SINGAPORE - More than 7,700 cases of high-rise littering were reported between 2016 and 2018 to the National Environment Agency (NEA), ranging between 2,300 and 2,800 each year.
In most cases, the situation improved following efforts by the NEA, town councils, and grassroots organisations to caution against such offences, but the inconsiderate acts persist in some cases, said Senior Minister of State for the Environment and Water Resources Amy Khor in Parliament on Tuesday (Sept 3).
"To address this, the NEA has since 2012 deployed surveillance cameras with video analytics to catch offenders in the act. These cameras have contributed significantly to improving the NEA's enforcement effort," said Dr Khor.
These cameras helped catch more than 2,200 high-rise litterbugs between August 2012 and December 2018, of whom 52 were repeat offenders.
Last Friday (Aug 30), Australian national Andrew Gosling was charged with causing death by performing a rash act, after a wine bottle he allegedly threw from the seventh-storey lift landing of a condominium struck a 73-year-old man on the building's fifth storey, causing his death.
Dr Khor added that stiff penalties are in place to deter high-rise littering.
First-time offenders can be fined up to $2,000 for each offence, while recalcitrant offenders face fines of up to $10,000 or Corrective Work Order (CWO) in addition to, or in lieu of, a fine on conviction.
About 2,600 CWOs were issued last year.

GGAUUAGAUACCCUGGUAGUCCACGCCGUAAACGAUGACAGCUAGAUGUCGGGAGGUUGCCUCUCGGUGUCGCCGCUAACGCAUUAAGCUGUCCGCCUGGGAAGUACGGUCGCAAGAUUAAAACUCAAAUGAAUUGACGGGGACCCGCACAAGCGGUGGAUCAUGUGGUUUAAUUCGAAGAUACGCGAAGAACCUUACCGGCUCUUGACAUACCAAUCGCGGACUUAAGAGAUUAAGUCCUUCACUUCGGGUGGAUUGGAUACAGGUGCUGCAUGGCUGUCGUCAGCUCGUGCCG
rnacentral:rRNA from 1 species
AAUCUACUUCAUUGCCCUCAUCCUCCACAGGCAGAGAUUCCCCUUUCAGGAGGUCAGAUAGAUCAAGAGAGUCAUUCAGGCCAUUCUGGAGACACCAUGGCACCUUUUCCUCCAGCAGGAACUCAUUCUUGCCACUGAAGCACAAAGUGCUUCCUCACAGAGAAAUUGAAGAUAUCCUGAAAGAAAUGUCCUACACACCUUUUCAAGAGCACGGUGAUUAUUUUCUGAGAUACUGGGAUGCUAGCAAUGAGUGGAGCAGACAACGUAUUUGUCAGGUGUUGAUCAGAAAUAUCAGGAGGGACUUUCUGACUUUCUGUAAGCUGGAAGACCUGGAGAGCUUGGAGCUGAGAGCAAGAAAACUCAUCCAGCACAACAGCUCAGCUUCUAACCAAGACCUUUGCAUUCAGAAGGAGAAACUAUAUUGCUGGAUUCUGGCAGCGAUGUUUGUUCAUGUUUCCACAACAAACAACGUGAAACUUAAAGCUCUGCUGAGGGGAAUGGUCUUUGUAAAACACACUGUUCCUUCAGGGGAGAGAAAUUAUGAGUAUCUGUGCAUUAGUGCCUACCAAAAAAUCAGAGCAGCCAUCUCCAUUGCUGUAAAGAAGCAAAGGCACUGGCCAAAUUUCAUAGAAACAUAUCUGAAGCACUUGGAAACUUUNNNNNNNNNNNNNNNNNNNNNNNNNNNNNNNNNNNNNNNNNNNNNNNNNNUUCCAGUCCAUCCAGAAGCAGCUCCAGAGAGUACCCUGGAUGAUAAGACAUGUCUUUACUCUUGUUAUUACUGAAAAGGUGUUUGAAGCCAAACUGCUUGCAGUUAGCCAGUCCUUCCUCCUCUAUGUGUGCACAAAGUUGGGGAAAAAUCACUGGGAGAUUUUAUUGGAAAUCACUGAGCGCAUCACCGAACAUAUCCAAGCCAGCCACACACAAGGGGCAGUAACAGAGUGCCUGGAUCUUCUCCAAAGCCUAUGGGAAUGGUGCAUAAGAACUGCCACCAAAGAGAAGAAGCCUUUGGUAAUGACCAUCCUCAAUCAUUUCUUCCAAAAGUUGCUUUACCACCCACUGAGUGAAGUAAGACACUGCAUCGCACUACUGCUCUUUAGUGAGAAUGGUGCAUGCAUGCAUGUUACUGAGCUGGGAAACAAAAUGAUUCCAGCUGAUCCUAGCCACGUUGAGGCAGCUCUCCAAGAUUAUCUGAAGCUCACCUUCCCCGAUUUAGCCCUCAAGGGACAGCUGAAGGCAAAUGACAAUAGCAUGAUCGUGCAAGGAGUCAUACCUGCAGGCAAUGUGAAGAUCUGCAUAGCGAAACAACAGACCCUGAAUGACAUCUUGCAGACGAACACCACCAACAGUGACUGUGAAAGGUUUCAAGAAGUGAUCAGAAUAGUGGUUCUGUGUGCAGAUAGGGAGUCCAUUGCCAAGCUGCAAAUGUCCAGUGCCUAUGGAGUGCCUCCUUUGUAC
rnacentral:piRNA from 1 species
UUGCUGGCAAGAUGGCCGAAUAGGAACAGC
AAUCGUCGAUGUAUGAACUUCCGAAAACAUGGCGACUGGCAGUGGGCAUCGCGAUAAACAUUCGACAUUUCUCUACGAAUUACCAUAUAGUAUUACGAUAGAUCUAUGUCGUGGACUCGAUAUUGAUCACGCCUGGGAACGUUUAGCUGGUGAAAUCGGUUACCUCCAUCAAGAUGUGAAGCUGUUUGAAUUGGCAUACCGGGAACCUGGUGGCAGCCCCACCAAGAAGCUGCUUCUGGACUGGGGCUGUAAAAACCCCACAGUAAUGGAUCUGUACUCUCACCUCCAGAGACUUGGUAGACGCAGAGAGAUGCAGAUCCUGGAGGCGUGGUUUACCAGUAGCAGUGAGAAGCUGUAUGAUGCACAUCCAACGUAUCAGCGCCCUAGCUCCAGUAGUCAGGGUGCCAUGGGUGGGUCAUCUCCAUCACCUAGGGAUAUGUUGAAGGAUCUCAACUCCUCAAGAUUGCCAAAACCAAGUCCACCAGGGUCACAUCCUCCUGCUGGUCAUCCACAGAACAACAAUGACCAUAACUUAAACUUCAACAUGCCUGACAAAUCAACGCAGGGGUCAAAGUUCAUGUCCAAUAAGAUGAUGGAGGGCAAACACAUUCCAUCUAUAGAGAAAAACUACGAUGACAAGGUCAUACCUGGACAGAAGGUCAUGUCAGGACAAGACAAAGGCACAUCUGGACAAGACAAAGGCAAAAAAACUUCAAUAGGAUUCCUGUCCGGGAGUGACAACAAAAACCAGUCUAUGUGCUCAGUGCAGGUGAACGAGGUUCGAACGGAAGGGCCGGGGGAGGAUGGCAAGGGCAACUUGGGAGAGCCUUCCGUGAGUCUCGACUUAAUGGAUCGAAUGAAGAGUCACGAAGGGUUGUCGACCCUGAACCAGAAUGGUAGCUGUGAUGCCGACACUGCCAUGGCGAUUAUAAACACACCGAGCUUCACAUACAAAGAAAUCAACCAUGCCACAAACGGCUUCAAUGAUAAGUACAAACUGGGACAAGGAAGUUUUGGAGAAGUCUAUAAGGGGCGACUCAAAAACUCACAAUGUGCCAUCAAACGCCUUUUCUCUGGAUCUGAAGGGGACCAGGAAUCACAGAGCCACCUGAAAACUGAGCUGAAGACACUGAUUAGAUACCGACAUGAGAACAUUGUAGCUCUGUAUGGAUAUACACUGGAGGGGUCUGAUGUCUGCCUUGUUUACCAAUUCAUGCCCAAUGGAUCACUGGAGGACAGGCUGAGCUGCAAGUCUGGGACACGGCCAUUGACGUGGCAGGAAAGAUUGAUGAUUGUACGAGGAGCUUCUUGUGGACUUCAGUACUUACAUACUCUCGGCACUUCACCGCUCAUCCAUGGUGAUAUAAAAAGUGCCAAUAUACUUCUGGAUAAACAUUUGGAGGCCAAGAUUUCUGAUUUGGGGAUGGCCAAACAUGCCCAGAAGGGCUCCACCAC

Earlier this year, the NEA also revamped the design of the CWO vest for offenders to increase the deterrent effect. The vest, which used to be in fluorescent yellow, is now a luminous pink and yellow combination that is hard to miss.
People can report high-rise littering via the NEA's hotline or provide information or evidence of an offence - such as photos and video footage - through the myENV mobile app.
The NEA received about 26,000 reports of littering and 2,700 of indiscriminate disposal of bulky items in public places in 2018.
It took about 39,000 enforcement actions against littering in public places, and another 30 for the unlawful disposal of bulky items in public places.
Dr Khor said enforcement action is taken when sufficient evidence is collected, and the process takes between 10 weeks and six months in most cases, depending on the complexity of the case and the response time of the parties involved.
"While we have laws to deter littering and other environmental offences, it is more important that we foster collective responsibility for our environment and cultivate positive social norms," she stressed.
To this end, the NEA works closely with the Public Hygiene Council and partners of the Keep Singapore Clean movement, she said, adding that significant resources are also devoted "to engaging a wide range of stakeholders, including residents, schools, communities, private and public organisations, as well as foreign workers".
Dr Khor said many of these groups organise ground-up activities such as litter-picking activities, beach and park cleanups, and cleaner appreciation days.
"Residents should also bin their litter properly, and contact their town councils for assistance in disposing of bulky waste items if they are staying in public estates," she added.